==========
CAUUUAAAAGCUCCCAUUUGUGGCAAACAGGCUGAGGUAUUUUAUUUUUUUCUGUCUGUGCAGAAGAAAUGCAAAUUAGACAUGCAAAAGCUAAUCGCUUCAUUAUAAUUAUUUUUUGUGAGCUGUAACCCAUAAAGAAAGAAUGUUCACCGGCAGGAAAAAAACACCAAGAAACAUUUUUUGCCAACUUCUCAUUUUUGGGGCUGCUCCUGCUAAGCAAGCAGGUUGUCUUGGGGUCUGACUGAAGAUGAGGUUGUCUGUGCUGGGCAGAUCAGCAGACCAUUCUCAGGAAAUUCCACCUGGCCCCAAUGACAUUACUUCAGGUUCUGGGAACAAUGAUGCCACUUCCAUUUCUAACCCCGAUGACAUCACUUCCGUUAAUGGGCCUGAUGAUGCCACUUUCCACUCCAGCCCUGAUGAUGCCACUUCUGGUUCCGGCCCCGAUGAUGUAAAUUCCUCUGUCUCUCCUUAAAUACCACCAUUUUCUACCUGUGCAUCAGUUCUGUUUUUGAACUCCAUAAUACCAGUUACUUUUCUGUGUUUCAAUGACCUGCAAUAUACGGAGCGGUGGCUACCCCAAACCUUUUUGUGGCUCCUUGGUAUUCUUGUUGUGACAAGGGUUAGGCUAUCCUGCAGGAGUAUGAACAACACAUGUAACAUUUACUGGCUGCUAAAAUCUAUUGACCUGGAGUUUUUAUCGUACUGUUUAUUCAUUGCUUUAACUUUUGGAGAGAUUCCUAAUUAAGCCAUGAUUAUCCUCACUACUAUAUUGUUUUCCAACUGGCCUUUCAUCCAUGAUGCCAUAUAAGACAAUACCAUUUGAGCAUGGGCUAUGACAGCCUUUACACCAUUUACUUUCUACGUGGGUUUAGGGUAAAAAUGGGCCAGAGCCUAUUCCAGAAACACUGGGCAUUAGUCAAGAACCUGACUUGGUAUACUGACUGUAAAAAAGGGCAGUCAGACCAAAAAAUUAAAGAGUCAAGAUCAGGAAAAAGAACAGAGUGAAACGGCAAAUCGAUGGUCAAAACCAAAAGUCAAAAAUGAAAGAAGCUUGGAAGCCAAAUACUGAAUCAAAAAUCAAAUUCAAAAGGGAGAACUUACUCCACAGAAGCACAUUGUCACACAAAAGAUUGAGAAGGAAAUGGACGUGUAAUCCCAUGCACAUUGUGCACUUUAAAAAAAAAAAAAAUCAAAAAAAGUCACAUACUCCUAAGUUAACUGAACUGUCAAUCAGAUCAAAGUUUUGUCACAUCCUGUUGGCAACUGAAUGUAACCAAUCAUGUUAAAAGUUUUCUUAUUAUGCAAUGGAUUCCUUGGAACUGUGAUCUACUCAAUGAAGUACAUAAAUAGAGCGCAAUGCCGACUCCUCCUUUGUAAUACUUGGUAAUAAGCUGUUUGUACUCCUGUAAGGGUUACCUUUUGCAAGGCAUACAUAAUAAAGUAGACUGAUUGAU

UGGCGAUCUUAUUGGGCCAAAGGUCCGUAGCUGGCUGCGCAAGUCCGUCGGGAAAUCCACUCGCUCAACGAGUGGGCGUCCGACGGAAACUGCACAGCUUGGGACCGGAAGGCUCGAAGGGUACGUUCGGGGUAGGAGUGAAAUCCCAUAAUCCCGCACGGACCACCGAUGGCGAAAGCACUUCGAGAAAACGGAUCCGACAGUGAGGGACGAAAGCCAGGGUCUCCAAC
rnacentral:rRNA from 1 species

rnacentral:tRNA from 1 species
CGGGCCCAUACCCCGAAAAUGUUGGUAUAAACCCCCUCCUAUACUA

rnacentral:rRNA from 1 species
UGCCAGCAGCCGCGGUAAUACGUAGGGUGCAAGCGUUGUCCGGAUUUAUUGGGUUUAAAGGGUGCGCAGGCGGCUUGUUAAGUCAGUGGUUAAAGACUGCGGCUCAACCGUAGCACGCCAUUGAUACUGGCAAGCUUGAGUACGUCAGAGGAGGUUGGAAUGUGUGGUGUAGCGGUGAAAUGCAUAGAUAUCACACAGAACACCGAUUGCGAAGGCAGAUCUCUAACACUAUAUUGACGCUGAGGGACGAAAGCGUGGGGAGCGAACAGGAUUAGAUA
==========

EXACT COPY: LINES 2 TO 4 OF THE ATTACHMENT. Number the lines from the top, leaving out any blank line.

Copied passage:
UGGCGAUCUUAUUGGGCCAAAGGUCCGUAGCUGGCUGCGCAAGUCCGUCGGGAAAUCCACUCGCUCAACGAGUGGGCGUCCGACGGAAACUGCACAGCUUGGGACCGGAAGGCUCGAAGGGUACGUUCGGGGUAGGAGUGAAAUCCCAUAAUCCCGCACGGACCACCGAUGGCGAAAGCACUUCGAGAAAACGGAUCCGACAGUGAGGGACGAAAGCCAGGGUCUCCAAC
rnacentral:rRNA from 1 species

rnacentral:tRNA from 1 species